Can You Afford To Stay At A Celebrity-Owned Hotel?

Tennis star Andy Murray, one of the U.K.’s most famous athletes and the reigning Olympic gold medalist, recently purchased the Cromlix House Hotel near his hometown of Dunblane, Scotland. Now closed for renovations, the country manor is expected to reopen in the spring, in time for the 2014 Ryder Cup golf tournament.

Perhaps more than any other sport, tennis requires its stars to become globetrotters. The biggest tournaments take place in the world’s most cosmopolitan locales – Dubai, Paris, Madrid, Miami, Shanghai, Monte Carlo – and as much, a multimillionaire star like Murray should know what constitutes a fine hotel.

Still, he’s the rare athlete that has made a foray into hospitality, a hobby (or investment) favored by Hollywood celebs. There’s no shortage of A-listers in the hotel game. And – surprise – staying under their roofs isn’t always a big-budget proposition.

Actor John Malkovich offers the cheapest access to star style. He’s a (reportedly hands-on) investor in The Big Sleep, a chain of budget hotels in England. Basic but contemporary, they advertise rates starting at £29, and reviews commonly cite rates around £50. In Dublin, U2’s Bono and The Edge revamped The Clarence, and rates at the historic property starts at a modest £109.

Director Francis Ford Coppola owns five hotels in Belize, Guatemala, Argentina, and Italy. Both of his top-rated resorts in Belize, Turtle Inn (pictured, top) and Blancaneaux Lodge, ring in under $300 in the offseason (and start upwards of $350 in high season). But La Lancha, his Guatemalan lakefront rainforest lodge, offers rooms in the low season for $125.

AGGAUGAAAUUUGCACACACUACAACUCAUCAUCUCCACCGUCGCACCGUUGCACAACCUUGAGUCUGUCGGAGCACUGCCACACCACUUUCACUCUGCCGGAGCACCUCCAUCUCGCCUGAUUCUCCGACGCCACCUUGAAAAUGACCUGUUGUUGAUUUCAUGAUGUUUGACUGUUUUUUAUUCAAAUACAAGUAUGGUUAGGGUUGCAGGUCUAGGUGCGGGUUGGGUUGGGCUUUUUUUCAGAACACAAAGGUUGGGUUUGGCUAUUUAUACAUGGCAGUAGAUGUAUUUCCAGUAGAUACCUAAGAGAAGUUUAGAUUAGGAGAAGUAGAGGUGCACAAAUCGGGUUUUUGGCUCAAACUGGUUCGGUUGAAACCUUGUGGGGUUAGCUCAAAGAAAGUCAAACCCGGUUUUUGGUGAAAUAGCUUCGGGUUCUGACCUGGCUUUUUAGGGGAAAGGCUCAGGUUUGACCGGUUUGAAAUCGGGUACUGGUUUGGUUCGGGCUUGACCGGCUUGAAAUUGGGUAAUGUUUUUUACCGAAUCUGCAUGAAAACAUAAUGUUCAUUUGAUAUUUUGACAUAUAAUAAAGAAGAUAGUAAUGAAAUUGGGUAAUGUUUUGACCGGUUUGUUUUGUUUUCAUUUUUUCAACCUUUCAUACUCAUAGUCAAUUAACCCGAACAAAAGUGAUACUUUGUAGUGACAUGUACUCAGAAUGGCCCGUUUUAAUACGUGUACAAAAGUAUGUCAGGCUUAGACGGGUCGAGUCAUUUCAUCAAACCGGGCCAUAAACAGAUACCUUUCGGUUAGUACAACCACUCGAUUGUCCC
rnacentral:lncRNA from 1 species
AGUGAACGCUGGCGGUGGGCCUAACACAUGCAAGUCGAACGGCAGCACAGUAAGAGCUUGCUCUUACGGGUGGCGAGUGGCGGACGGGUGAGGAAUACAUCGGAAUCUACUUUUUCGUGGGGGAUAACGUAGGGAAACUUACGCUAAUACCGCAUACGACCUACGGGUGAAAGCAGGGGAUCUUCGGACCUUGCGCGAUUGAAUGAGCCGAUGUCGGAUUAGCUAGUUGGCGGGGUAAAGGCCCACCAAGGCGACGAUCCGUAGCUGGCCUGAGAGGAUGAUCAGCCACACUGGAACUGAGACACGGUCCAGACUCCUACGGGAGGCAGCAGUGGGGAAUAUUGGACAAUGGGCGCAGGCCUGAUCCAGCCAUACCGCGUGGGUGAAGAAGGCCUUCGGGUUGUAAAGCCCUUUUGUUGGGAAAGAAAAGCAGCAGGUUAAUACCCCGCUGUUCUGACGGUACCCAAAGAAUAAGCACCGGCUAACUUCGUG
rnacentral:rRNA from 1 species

Stateside, there aren’t many deals to be had. Robert Redford’s Sundance Resort in Utah is hard to book for less than $250 per night. Doris Day’s longtime pet-haven coastal hotel, Cypress Inn in Carmel, California, has online rates starting at $185 (plus $30 per pet – a small price for getting to frolic on the beach off-leash and accompany owners to all 12 restaurants). Cooking-show royalty Paula Deen rents her two-bedroom beach house on Georgia’s Tybee Island, named Y’all Come Inn, for around $295 per night.

Yet those rates don’t come close to the prices that Richard Gere and Robert DeNiro command at their New York properties. Gere co-owns Westchester County’s luxurious Bedford Post Inn, where getaways start at $400 per night. DeNiro’s posh pad in downtown Manhattan, The Greenwich Hotel, runs $525 and up – topping even Donatella Versace’s resort on Australia’s Gold Coast, the grand Palazzo Versace (pictured), which starts in the $300 to $400 range per night.

[Photo credits: top, Turtle Inn by Coppola Resorts]

Wine tasting on a budget with new Wine Walk in Carmel-by-the-Sea

Wine tasting has never been so convenient, or inexpensive! While most people know that California is a premier destination for those looking to sample some of world’s best vino, wine tours can often get a bit pricey. That is why Carmel-by-the-Sea’s new self-guided Wine Walk is a perfect option.

Encompassed within a few blocks of this coastal California village are 13 different wine tasting rooms. Begin at Southern Latitude Wines on Ocean Avenue to sample specialties from Australia, New Zealand, South Africa, and South America, then pass City Hall and turn onto 7th Avenue to La Bicyclette for some rustic European cuisine with your wine flights. Next door at Galante Vineyards you will have the chance to sample local estate-grown wines from the first tasting room in Carmel. As you continue on this self-guided stroll, you will not only be exposed to delicious vino, but also art and specialty foods, including cheese and olive oil tastings.

To download a complete map of the walk, click here.

The essential Western states travel planning tool: Sunset Magazine

Sunset, the Menlo Park, California-based lifestyle magazine, is an outstanding regional magazine with excellent tips for travel and dining in the Western and Pacific states. The magazine remains fresh issue after issue, and strikes that essential editorial balance between helping and inspiring readers.